November 7

Pledge Week


Lyndon Johnson signed the Public Broadcasting Act on November 7, 1967.  Ever since, it seems like the government has threatened to revoke the funding.

Although you never cared to spend sunny days on a puppet-populated street, or have dipthongs shouted at you by titular members of a power company, you always loved the evening programs on PBS television stations — adaptations of classic novels, or exported comedies and mysteries.  The fare on the publicly supported channels was always a little different, often a little smarter, than the offerings on mainstream US channels.

To help supplement their funding, PBS stations added an annual “Pledge Week” drive, which was essentially a week-long fundraising telethon.

“Send us your pledge,” the hosts used to say, “to ensure continued quality programming.”

Pledge Week interrupted regular programming with special broadcasts — a reunion concert for a folk trio, an inspirational speech from a self-proclaimed fitness guru, a nine-part historical documentary — intended to encourage contributions.  For a fifty dollar pledge, they’d send a VHS tape, later a DVD, of the program you just watched…which seemed kind of redundant.

The incentive seemed even more redundant when, in response to dwindling government funding, Pledge Week increased from annual to semi-annual…then quarterly.  The same programs came around again and again, the folk trio singing about a plane or a dragon, the fitness guru touting positive thinking, and the documentary series that cycled through the same film clips and talking heads you saw a few months earlier.  At intermission when the hosts mentioned “free gifts” at specific pledge levels, you couldn’t imagine anybody would need these programs on disc.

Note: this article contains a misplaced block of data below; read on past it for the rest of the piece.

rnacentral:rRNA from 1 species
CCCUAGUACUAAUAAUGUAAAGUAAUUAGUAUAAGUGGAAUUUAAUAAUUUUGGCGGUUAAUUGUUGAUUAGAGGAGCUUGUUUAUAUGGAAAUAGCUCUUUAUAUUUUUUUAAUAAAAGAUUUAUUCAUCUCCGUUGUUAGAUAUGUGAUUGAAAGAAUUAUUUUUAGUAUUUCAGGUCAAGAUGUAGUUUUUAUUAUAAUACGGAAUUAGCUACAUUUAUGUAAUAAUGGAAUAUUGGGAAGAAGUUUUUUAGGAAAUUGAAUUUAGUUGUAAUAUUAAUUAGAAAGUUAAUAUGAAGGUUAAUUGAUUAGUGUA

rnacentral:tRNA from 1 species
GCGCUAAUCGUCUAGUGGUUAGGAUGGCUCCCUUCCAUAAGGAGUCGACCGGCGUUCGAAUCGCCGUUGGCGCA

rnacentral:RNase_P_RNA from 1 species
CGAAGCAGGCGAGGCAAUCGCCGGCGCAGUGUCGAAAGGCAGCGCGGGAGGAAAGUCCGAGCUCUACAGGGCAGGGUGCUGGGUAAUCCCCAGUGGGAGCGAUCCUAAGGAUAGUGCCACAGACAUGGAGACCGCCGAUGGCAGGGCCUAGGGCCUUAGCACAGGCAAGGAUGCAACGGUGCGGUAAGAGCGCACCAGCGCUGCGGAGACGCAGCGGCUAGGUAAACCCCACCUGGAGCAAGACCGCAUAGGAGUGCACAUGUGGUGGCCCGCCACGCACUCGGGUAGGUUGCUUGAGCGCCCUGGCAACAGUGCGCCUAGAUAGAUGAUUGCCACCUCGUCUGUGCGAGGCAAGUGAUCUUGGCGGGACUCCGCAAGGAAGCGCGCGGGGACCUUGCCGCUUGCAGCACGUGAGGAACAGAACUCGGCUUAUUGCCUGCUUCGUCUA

It was so disappointing to tune in expecting the latest Masterpiece, and to encounter more Beg-a-thon blather.   During those weeks, you used to joke with your sister-in-law that “Channel 22 is on strike again.”   You’d complain about the ever-frequent disruptions to your TV schedule as if it was the end of the world.

Then the apocalypse actually hit.  Locally, Channel 22 was the only station anybody could tune in.

With the downfall of national government, they needed viewer support more than ever.

The guru’s advice about positive thinking rang hollow.  The 9-part documentary was a fantasy about a long-gone era.  But those were the only shows on offer. “Send us your pledge,” the hosts said, “and we’ll resume regular programming.”

Now, it’s always Pledge Week.